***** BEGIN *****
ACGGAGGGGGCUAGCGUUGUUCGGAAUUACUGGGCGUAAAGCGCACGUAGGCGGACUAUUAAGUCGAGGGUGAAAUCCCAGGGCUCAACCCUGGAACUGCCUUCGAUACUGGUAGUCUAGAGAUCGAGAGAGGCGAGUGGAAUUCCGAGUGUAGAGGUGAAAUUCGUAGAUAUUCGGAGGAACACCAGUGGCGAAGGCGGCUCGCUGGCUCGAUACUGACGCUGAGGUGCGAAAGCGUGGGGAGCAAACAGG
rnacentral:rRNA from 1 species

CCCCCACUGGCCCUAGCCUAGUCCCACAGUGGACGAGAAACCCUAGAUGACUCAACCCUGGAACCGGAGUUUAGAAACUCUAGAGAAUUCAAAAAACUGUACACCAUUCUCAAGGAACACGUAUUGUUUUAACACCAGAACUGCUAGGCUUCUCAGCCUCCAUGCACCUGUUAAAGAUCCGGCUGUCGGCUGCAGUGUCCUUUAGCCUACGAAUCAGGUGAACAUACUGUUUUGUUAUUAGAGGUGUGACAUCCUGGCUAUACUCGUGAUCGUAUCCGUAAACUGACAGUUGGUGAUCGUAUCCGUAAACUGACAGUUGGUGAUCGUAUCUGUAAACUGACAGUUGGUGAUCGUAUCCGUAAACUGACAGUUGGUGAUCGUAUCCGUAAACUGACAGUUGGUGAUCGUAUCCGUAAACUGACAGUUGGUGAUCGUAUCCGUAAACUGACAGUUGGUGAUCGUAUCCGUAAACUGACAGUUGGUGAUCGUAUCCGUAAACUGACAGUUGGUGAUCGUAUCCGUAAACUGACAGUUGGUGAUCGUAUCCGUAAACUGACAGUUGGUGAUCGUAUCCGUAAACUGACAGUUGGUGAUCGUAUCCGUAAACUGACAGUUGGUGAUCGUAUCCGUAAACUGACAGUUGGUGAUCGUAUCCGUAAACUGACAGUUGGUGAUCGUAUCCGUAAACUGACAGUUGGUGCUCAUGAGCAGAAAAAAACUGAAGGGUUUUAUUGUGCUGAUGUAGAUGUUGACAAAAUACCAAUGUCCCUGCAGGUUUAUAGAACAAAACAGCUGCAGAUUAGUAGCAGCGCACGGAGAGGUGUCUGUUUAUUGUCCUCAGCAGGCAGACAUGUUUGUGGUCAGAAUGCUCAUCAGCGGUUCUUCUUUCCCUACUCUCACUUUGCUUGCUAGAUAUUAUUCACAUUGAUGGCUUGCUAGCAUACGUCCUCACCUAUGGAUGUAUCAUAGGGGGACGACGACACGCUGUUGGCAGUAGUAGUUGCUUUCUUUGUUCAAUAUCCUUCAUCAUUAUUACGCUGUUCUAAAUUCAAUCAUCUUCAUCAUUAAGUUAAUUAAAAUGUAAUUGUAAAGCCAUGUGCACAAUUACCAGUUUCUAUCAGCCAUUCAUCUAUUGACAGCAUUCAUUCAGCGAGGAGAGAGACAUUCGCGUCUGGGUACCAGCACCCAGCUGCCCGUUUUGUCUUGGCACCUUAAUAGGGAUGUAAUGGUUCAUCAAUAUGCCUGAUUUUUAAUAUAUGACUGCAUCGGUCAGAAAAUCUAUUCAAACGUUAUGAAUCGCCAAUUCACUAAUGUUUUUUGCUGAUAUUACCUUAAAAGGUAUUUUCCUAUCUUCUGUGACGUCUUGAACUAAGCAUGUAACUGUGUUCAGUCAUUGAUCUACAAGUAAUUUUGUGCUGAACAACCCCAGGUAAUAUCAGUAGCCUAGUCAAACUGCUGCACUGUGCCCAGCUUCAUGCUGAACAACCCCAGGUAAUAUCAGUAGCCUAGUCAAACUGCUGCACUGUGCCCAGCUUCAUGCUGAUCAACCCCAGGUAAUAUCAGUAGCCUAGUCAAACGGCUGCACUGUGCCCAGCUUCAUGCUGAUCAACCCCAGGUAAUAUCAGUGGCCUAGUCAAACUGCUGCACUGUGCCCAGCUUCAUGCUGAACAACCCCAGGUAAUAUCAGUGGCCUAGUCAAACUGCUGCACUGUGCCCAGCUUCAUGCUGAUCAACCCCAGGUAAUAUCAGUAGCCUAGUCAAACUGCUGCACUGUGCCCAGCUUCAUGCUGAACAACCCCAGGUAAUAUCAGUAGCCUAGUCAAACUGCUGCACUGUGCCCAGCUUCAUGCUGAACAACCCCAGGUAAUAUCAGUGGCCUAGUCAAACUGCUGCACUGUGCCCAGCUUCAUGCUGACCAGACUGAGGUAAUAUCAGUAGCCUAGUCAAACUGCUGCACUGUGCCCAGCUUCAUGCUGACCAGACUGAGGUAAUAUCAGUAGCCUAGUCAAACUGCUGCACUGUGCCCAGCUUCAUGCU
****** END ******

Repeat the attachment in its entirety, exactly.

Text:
ACGGAGGGGGCUAGCGUUGUUCGGAAUUACUGGGCGUAAAGCGCACGUAGGCGGACUAUUAAGUCGAGGGUGAAAUCCCAGGGCUCAACCCUGGAACUGCCUUCGAUACUGGUAGUCUAGAGAUCGAGAGAGGCGAGUGGAAUUCCGAGUGUAGAGGUGAAAUUCGUAGAUAUUCGGAGGAACACCAGUGGCGAAGGCGGCUCGCUGGCUCGAUACUGACGCUGAGGUGCGAAAGCGUGGGGAGCAAACAGG
rnacentral:rRNA from 1 species

CCCCCACUGGCCCUAGCCUAGUCCCACAGUGGACGAGAAACCCUAGAUGACUCAACCCUGGAACCGGAGUUUAGAAACUCUAGAGAAUUCAAAAAACUGUACACCAUUCUCAAGGAACACGUAUUGUUUUAACACCAGAACUGCUAGGCUUCUCAGCCUCCAUGCACCUGUUAAAGAUCCGGCUGUCGGCUGCAGUGUCCUUUAGCCUACGAAUCAGGUGAACAUACUGUUUUGUUAUUAGAGGUGUGACAUCCUGGCUAUACUCGUGAUCGUAUCCGUAAACUGACAGUUGGUGAUCGUAUCCGUAAACUGACAGUUGGUGAUCGUAUCUGUAAACUGACAGUUGGUGAUCGUAUCCGUAAACUGACAGUUGGUGAUCGUAUCCGUAAACUGACAGUUGGUGAUCGUAUCCGUAAACUGACAGUUGGUGAUCGUAUCCGUAAACUGACAGUUGGUGAUCGUAUCCGUAAACUGACAGUUGGUGAUCGUAUCCGUAAACUGACAGUUGGUGAUCGUAUCCGUAAACUGACAGUUGGUGAUCGUAUCCGUAAACUGACAGUUGGUGAUCGUAUCCGUAAACUGACAGUUGGUGAUCGUAUCCGUAAACUGACAGUUGGUGAUCGUAUCCGUAAACUGACAGUUGGUGAUCGUAUCCGUAAACUGACAGUUGGUGAUCGUAUCCGUAAACUGACAGUUGGUGCUCAUGAGCAGAAAAAAACUGAAGGGUUUUAUUGUGCUGAUGUAGAUGUUGACAAAAUACCAAUGUCCCUGCAGGUUUAUAGAACAAAACAGCUGCAGAUUAGUAGCAGCGCACGGAGAGGUGUCUGUUUAUUGUCCUCAGCAGGCAGACAUGUUUGUGGUCAGAAUGCUCAUCAGCGGUUCUUCUUUCCCUACUCUCACUUUGCUUGCUAGAUAUUAUUCACAUUGAUGGCUUGCUAGCAUACGUCCUCACCUAUGGAUGUAUCAUAGGGGGACGACGACACGCUGUUGGCAGUAGUAGUUGCUUUCUUUGUUCAAUAUCCUUCAUCAUUAUUACGCUGUUCUAAAUUCAAUCAUCUUCAUCAUUAAGUUAAUUAAAAUGUAAUUGUAAAGCCAUGUGCACAAUUACCAGUUUCUAUCAGCCAUUCAUCUAUUGACAGCAUUCAUUCAGCGAGGAGAGAGACAUUCGCGUCUGGGUACCAGCACCCAGCUGCCCGUUUUGUCUUGGCACCUUAAUAGGGAUGUAAUGGUUCAUCAAUAUGCCUGAUUUUUAAUAUAUGACUGCAUCGGUCAGAAAAUCUAUUCAAACGUUAUGAAUCGCCAAUUCACUAAUGUUUUUUGCUGAUAUUACCUUAAAAGGUAUUUUCCUAUCUUCUGUGACGUCUUGAACUAAGCAUGUAACUGUGUUCAGUCAUUGAUCUACAAGUAAUUUUGUGCUGAACAACCCCAGGUAAUAUCAGUAGCCUAGUCAAACUGCUGCACUGUGCCCAGCUUCAUGCUGAACAACCCCAGGUAAUAUCAGUAGCCUAGUCAAACUGCUGCACUGUGCCCAGCUUCAUGCUGAUCAACCCCAGGUAAUAUCAGUAGCCUAGUCAAACGGCUGCACUGUGCCCAGCUUCAUGCUGAUCAACCCCAGGUAAUAUCAGUGGCCUAGUCAAACUGCUGCACUGUGCCCAGCUUCAUGCUGAACAACCCCAGGUAAUAUCAGUGGCCUAGUCAAACUGCUGCACUGUGCCCAGCUUCAUGCUGAUCAACCCCAGGUAAUAUCAGUAGCCUAGUCAAACUGCUGCACUGUGCCCAGCUUCAUGCUGAACAACCCCAGGUAAUAUCAGUAGCCUAGUCAAACUGCUGCACUGUGCCCAGCUUCAUGCUGAACAACCCCAGGUAAUAUCAGUGGCCUAGUCAAACUGCUGCACUGUGCCCAGCUUCAUGCUGACCAGACUGAGGUAAUAUCAGUAGCCUAGUCAAACUGCUGCACUGUGCCCAGCUUCAUGCUGACCAGACUGAGGUAAUAUCAGUAGCCUAGUCAAACUGCUGCACUGUGCCCAGCUUCAUGCU